Mar 14, 2012
Artistic representations of the Ten Commandments often depict two stone tablets on which there are two tables of inscriptions.
This portrayal follows from a classical division of the commandments in which there are two specific categories—those that order humanity’s relationship with God and those that order human relationships with one another. If we consider the Bible as a totality, it becomes apparent that the Scriptures give priority to the first table, those commands dealing with God.
The Ten Commandments begin with an insistence that the Lord alone is God and there are to be no other gods besides him. This is not just a principle meant to order humanity’s expressions of ritualized worship, but a statement about the ethos of the entire moral and spiritual order. Whatever it is that humanity worships, be it the gods of the ancients or the allures of wealth, power, pleasure and honors, will by necessity give rise to our perceptions and practices concerning the moral life. The God or gods in whom we place our ultimate concern will direct our lives and determine our choices.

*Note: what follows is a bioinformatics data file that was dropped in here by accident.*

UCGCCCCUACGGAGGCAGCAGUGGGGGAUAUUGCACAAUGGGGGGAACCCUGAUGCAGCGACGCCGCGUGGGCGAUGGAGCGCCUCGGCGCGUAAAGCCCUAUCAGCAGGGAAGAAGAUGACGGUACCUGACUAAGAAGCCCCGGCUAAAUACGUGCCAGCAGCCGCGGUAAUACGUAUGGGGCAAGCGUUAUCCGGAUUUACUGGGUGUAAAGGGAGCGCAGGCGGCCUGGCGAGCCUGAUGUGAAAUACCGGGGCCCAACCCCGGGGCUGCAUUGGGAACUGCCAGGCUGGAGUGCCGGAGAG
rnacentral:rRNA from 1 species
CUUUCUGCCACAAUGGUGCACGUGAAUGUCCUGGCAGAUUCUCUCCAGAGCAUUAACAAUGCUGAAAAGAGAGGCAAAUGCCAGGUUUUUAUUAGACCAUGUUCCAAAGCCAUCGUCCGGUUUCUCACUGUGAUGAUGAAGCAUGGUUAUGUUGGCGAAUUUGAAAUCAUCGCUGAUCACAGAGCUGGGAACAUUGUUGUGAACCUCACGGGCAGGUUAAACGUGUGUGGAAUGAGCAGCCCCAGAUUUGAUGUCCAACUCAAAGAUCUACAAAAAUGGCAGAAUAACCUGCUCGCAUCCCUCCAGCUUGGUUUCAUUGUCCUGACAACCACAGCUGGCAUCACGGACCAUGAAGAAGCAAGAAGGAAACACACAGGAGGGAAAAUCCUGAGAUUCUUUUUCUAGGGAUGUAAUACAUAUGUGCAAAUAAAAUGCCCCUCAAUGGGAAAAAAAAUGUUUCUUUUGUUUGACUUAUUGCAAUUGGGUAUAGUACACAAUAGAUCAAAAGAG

Given that the Bible calls humanity over and over again to relinquish its attachment to false gods and embrace the worship of the one true God, we might take that emphasis as means to interpret Christ’s actions in regards to the moneychangers in the Jerusalem Temple, actions that are traditionally referred to as the “cleansing of the Temple.” The dramatic scene portrays Christ entering the sacred center of Israel’s culture and worship at the height of the Jewish year—the feast of Passover. Christ then raises a ruckus, for he finds the Temple to be not a house of prayer, but a “marketplace.” He turns over the tables of the moneychangers, disrupts the trade in animals for sacrifice, and cleans the place out.